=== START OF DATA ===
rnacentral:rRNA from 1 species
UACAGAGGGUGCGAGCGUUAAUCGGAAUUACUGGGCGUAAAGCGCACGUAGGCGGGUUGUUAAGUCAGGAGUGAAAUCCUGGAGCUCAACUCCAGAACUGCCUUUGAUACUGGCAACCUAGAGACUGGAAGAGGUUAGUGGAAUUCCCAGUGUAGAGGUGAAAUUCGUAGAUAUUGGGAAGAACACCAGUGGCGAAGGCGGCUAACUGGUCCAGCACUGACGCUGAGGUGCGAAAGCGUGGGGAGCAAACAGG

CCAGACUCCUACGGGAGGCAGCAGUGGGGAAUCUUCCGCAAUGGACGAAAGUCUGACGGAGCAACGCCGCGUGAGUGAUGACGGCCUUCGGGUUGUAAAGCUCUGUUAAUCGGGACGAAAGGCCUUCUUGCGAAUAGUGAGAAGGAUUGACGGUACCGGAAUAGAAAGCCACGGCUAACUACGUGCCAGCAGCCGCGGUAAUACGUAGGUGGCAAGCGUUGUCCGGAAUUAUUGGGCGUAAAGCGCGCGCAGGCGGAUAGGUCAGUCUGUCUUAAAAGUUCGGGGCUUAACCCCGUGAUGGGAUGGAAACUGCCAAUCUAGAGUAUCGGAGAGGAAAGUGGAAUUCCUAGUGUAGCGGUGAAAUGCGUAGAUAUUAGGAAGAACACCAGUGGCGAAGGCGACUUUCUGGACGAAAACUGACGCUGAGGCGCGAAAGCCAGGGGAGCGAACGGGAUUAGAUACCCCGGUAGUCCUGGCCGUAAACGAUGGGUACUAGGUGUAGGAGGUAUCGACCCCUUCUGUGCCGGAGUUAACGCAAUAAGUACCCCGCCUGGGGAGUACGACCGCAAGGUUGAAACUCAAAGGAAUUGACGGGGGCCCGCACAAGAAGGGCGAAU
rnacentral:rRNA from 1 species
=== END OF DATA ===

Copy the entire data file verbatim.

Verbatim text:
rnacentral:rRNA from 1 species
UACAGAGGGUGCGAGCGUUAAUCGGAAUUACUGGGCGUAAAGCGCACGUAGGCGGGUUGUUAAGUCAGGAGUGAAAUCCUGGAGCUCAACUCCAGAACUGCCUUUGAUACUGGCAACCUAGAGACUGGAAGAGGUUAGUGGAAUUCCCAGUGUAGAGGUGAAAUUCGUAGAUAUUGGGAAGAACACCAGUGGCGAAGGCGGCUAACUGGUCCAGCACUGACGCUGAGGUGCGAAAGCGUGGGGAGCAAACAGG

CCAGACUCCUACGGGAGGCAGCAGUGGGGAAUCUUCCGCAAUGGACGAAAGUCUGACGGAGCAACGCCGCGUGAGUGAUGACGGCCUUCGGGUUGUAAAGCUCUGUUAAUCGGGACGAAAGGCCUUCUUGCGAAUAGUGAGAAGGAUUGACGGUACCGGAAUAGAAAGCCACGGCUAACUACGUGCCAGCAGCCGCGGUAAUACGUAGGUGGCAAGCGUUGUCCGGAAUUAUUGGGCGUAAAGCGCGCGCAGGCGGAUAGGUCAGUCUGUCUUAAAAGUUCGGGGCUUAACCCCGUGAUGGGAUGGAAACUGCCAAUCUAGAGUAUCGGAGAGGAAAGUGGAAUUCCUAGUGUAGCGGUGAAAUGCGUAGAUAUUAGGAAGAACACCAGUGGCGAAGGCGACUUUCUGGACGAAAACUGACGCUGAGGCGCGAAAGCCAGGGGAGCGAACGGGAUUAGAUACCCCGGUAGUCCUGGCCGUAAACGAUGGGUACUAGGUGUAGGAGGUAUCGACCCCUUCUGUGCCGGAGUUAACGCAAUAAGUACCCCGCCUGGGGAGUACGACCGCAAGGUUGAAACUCAAAGGAAUUGACGGGGGCCCGCACAAGAAGGGCGAAU
rnacentral:rRNA from 1 species